Types of mutual funds: Equity, debt, hybrid, sector-specific

Types of mutual funds Equity, debt, hybrid, sector-specific

If you’re considering investing in mutual funds, it’s essential to understand the different types available for you to pick from. The Securities and Exchange Board of India (SEBI) has a categorisation of mutual funds to streamline the mutual fund industry. This framework provides clarity and transparency to you as an investor and helps pick the right mutual fund according to your financial goals, investment horizon, and risk tolerance. Let’s delve into the various types of mutual funds in India in mind so that you can confidently add the right types of funds to your investment portfolio. 

  1. Equity funds

Equity funds are ideal for those seeking long-term capital appreciation. These funds primarily invest in stocks of companies listed on the stock market. The SEBI categorization includes large-cap funds, mid-cap funds, small-cap funds, multi-cap funds, sectoral/thematic funds, and focused funds. Depending on your risk tolerance and investment horizon, you can choose from these categories to align with your financial goals.

  1. Debt funds

If you prefer stable income generation and have a lower risk tolerance, debt funds can be a suitable choice. These funds invest in fixed-income instruments such as government securities, corporate bonds, treasury bills, and money market instruments. Debt funds are further classified based on their maturity profile and investment strategy. Debt fund categories include liquid funds, short-term funds, medium-term funds, dynamic bond funds, and credit opportunity funds.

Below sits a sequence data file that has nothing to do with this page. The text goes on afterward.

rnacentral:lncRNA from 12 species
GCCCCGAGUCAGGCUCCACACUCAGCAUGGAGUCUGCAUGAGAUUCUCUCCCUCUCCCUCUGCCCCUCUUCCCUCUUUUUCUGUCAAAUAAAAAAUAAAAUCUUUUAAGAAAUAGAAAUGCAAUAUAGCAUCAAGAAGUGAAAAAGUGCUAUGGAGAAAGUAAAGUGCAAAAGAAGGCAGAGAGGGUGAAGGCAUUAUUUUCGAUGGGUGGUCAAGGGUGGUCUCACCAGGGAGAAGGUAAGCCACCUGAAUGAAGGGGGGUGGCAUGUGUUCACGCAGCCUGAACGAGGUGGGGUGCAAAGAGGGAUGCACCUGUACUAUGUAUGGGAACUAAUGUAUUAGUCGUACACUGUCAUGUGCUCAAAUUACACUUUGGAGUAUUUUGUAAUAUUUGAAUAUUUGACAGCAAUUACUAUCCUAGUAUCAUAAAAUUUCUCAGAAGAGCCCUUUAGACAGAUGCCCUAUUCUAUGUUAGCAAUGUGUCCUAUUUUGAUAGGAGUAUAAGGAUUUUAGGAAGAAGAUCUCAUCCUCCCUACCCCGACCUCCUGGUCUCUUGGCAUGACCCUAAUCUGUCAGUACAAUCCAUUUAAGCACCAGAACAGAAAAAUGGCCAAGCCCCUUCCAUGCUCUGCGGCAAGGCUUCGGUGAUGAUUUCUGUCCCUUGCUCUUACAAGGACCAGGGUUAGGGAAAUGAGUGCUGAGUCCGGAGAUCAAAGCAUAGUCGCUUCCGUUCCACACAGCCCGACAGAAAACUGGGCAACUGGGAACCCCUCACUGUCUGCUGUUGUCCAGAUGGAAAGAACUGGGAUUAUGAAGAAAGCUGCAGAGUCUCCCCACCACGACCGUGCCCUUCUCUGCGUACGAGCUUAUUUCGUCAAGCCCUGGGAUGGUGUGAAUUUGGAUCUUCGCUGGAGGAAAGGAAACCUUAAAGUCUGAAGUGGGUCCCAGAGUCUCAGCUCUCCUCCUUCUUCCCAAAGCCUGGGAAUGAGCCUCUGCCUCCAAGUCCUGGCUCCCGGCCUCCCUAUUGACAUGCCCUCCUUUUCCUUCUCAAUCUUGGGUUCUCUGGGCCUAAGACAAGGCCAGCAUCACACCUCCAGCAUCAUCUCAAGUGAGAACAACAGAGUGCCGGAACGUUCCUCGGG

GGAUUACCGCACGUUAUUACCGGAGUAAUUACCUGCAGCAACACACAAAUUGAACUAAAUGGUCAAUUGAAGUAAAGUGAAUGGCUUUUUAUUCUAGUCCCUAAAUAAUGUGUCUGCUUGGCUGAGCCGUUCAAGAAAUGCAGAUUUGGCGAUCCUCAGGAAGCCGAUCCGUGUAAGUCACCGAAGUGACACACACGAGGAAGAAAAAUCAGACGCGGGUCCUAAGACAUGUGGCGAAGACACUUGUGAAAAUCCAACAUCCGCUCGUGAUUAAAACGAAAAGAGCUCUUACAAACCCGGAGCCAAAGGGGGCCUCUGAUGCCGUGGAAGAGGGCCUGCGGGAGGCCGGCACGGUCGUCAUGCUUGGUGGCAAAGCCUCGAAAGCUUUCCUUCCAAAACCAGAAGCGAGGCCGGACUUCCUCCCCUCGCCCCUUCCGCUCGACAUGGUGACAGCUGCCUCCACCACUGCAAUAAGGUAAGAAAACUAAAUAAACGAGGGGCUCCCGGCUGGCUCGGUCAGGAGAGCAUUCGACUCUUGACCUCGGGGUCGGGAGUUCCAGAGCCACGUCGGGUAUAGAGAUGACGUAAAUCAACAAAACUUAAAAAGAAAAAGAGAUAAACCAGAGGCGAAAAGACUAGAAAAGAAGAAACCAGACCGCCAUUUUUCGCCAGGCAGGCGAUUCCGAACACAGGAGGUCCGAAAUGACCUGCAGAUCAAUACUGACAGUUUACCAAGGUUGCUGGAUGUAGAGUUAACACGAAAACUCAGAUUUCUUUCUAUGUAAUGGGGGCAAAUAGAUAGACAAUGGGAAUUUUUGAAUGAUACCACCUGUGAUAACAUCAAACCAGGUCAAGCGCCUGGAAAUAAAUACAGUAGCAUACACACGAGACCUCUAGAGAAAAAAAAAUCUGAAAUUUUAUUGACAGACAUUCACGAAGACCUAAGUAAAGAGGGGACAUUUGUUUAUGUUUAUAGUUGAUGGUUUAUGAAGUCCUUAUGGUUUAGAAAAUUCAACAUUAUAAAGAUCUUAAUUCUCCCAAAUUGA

1. Hybrid funds

For a balanced approach, hybrid funds combine investments in both equity and debt instruments. They aim to diversify across asset classes, providing more moderate risk profile. Aggressive hybrid funds conservative hybrid funds, and balanced advantage funds are some of the categories available under hybrid mutual funds. 

  1. Solution-oriented funds

SEBI’s categorisation also includes solution-oriented funds designed for specific investment objectives or goals. These funds tend to come with a lock-in period of five years and primarily include retirement funds and children’s education funds. By investing in certain solution-oriented funds, you can enjoy potential tax benefits under the Income Tax Act, 1961. 

  1. Other categories

In addition to these main categories, there are other types of mutual funds such as:

  • Index funds: These funds aim to replicate the performance of a specific stock market index, such as Nifty 50 or Sensex. They provide investors with an opportunity to invest passively in the broader market at a lower expense ratio.
  • Fund-of-Funds (FoFs): FoFs invest in other mutual funds, offering investors a diversified portfolio in a single investment. These funds are suitable for those looking to access a range of mutual funds without directly managing multiple portfolios.
  • Sector-specific funds: Sector-specific or thematic funds are a type of equity mutual fund that tend to invest in the stocks of companies belonging to a specific industry such as tech or pharma. 
  • International funds: These mutual funds invest in stocks of companies that are listed on the stock exchange of a country outside of India. These funds help add international exposure to your portfolio and helps you diversify across geographies. 

Wrapping up

As you can tell, for every type of investor and their needs, there is a type of mutual fund out there. So, before you begin investing in mutual funds, take some time to understand these different types of mutual fund schemes and assess which one is the best suited for your financial goals and needs.